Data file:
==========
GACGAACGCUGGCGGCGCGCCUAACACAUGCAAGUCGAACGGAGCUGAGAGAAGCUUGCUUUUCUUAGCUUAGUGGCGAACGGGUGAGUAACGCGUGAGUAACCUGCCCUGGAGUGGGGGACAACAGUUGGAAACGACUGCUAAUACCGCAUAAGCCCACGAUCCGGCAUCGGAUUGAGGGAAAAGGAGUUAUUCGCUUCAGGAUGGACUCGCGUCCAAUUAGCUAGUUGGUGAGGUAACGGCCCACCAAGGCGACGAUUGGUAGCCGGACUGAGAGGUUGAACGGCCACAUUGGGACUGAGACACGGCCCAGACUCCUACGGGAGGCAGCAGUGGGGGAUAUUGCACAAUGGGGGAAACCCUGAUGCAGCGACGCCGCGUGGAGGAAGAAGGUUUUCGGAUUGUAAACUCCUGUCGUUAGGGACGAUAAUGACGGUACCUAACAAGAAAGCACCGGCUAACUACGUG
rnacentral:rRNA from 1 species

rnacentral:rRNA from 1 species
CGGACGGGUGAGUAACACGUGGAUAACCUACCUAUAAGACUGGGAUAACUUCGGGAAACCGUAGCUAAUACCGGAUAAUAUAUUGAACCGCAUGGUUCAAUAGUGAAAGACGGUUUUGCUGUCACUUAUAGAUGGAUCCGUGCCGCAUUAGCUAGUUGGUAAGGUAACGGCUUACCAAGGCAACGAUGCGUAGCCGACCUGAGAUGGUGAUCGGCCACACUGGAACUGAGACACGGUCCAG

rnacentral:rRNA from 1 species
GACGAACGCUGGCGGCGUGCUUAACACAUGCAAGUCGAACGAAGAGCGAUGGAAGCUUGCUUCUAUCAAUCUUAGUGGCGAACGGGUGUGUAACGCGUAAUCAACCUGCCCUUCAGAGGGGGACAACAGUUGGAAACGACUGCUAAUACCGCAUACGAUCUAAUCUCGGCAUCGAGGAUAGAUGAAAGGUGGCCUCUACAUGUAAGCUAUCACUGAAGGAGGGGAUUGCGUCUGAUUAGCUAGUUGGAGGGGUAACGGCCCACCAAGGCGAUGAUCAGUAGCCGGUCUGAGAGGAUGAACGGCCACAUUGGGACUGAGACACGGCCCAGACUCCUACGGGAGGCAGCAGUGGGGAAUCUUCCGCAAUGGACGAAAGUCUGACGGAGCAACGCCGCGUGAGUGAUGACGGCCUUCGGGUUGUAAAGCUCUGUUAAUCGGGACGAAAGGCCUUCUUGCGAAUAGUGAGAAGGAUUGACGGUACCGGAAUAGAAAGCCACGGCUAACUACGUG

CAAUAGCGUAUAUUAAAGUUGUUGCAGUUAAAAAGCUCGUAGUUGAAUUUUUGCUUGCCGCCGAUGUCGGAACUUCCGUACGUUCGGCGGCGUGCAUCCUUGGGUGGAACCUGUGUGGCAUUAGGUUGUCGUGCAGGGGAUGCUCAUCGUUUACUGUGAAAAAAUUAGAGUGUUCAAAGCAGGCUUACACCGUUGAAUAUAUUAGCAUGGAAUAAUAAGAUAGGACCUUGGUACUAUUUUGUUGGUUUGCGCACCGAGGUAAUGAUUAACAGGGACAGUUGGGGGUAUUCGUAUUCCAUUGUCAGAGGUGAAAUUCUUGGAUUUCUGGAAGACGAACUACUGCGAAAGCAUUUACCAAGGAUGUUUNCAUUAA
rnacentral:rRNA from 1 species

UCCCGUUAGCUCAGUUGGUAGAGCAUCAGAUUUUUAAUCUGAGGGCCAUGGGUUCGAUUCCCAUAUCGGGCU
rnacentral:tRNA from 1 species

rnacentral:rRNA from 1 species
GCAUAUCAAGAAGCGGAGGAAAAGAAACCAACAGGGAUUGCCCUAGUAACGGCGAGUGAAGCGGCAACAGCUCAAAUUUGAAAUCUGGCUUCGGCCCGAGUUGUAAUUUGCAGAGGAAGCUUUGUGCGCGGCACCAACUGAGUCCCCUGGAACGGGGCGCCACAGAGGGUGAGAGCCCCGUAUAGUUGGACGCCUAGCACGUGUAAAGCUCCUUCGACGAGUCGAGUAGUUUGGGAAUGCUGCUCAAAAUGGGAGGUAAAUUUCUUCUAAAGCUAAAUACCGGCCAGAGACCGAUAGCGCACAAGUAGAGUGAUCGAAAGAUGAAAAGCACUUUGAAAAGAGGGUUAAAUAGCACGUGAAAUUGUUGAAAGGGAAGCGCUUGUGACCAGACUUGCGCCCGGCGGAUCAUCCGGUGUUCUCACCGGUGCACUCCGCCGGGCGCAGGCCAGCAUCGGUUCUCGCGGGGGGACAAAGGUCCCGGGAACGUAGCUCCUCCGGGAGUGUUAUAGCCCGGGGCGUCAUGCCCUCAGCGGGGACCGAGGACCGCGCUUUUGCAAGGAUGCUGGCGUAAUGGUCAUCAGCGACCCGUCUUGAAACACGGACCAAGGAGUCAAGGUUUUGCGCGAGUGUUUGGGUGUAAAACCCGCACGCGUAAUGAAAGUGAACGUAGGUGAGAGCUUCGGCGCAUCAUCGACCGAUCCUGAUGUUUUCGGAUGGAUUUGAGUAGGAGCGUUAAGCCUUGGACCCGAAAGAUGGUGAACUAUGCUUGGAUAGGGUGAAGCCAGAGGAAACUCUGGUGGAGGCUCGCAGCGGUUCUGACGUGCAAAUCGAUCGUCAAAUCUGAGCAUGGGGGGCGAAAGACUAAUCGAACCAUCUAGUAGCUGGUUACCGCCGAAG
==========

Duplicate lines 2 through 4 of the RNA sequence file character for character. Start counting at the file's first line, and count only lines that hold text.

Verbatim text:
rnacentral:rRNA from 1 species

rnacentral:rRNA from 1 species
CGGACGGGUGAGUAACACGUGGAUAACCUACCUAUAAGACUGGGAUAACUUCGGGAAACCGUAGCUAAUACCGGAUAAUAUAUUGAACCGCAUGGUUCAAUAGUGAAAGACGGUUUUGCUGUCACUUAUAGAUGGAUCCGUGCCGCAUUAGCUAGUUGGUAAGGUAACGGCUUACCAAGGCAACGAUGCGUAGCCGACCUGAGAUGGUGAUCGGCCACACUGGAACUGAGACACGGUCCAG